My bathroom has never had standing water in it that came from the shower or the sink or the toilet that wasn't immediately wiped up. A little moisture on the floor after a shower, sure, but that is to be expected.

I am not trying to be obnoxious and say "I don't care what you say, I'm going to do it my way", I am just saying what the company says you can use it for. I am going to go ahead and use the tile, simply because I have it and do not have the time nor the money to go with something else. Hopefully this is not going to be a big mistake. If it doesn't work, then since it is not permanently attached, I can replace it relatively easy with something else (in theory anyway). Thanks for all of your replies and advice.

DannyT 01-14-2013 11:27 AM

if you are going to do it your way anyway why ask for opinions?

Centex2011 01-14-2013 12:35 PM

Well, actually I didn't ask an opinion on the flooring (not trying to sound like a-hole, just stating a fact). My original reason for posting was to find out if I should lay down a moisture barrier under the tile since this was not a permanently adhered floor. Although, looking at my post the last sentence does sound like I was asking about the tile too. I apologize for the confusion. I had looked at the website and warranty info and felt this was good idea for me. I asked Zakany why he decided not to use it because I didn't know if he had personal experience with it. I really do appreciate everyone's advice and opinion and I actually thought about and wondered if this was a good choice. At the end, I felt this is a good choice for me. If down the road this turns out to be a horrible decision and I have to redo the work I did on the subfloor, I will be the first one to come back here and say y'all were right, do not use this in a bathroom.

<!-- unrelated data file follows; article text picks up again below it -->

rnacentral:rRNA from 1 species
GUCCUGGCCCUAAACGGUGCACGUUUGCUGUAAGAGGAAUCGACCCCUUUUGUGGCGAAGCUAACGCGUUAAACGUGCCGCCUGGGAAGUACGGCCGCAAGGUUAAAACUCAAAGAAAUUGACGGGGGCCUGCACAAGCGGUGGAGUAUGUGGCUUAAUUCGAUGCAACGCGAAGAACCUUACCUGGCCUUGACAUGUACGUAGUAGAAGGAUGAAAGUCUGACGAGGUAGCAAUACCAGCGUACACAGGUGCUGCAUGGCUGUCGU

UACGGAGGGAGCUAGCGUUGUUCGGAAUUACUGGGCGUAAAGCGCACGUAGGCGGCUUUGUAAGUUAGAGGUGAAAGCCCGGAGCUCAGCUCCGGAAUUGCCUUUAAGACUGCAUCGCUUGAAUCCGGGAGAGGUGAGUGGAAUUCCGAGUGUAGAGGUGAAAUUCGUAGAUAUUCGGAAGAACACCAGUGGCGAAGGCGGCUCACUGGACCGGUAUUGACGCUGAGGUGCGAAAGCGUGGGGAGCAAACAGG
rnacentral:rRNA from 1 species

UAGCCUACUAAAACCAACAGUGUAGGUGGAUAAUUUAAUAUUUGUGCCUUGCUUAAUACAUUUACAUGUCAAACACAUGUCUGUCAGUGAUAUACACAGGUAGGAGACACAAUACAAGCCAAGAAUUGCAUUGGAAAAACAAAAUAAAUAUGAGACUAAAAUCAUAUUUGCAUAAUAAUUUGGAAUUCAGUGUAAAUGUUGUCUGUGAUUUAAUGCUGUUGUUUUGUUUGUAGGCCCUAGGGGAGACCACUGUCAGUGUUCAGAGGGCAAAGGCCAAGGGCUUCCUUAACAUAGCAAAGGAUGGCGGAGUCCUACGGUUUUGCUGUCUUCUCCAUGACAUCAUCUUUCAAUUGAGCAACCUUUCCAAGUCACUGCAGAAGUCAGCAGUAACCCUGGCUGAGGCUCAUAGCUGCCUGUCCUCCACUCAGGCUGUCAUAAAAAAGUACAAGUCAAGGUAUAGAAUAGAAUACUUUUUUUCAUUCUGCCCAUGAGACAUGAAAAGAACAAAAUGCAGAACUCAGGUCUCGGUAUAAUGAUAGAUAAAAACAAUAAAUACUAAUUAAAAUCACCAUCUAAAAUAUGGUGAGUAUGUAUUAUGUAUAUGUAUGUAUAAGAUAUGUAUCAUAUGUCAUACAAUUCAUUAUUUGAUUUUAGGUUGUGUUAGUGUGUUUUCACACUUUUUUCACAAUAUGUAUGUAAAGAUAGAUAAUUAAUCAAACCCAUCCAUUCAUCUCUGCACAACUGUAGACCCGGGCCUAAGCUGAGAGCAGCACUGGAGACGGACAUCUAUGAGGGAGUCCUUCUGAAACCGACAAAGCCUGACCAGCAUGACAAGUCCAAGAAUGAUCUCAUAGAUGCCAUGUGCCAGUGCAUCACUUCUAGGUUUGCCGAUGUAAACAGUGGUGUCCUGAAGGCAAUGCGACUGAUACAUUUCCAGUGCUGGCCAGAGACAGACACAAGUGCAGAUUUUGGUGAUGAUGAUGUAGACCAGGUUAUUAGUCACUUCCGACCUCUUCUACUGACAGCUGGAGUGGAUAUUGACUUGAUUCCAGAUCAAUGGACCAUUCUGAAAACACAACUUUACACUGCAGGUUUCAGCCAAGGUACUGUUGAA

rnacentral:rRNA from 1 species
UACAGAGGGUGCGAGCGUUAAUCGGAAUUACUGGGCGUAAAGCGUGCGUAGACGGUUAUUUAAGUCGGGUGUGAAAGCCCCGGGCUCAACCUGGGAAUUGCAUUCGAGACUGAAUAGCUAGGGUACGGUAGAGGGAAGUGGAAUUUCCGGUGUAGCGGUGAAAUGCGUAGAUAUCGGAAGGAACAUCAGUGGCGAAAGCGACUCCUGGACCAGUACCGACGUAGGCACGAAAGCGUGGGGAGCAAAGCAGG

Again, not trying to be obnoxious or a now-it-all, just trying to do what i feel will work for me after considering everyone's advice. Thank you all for your advice.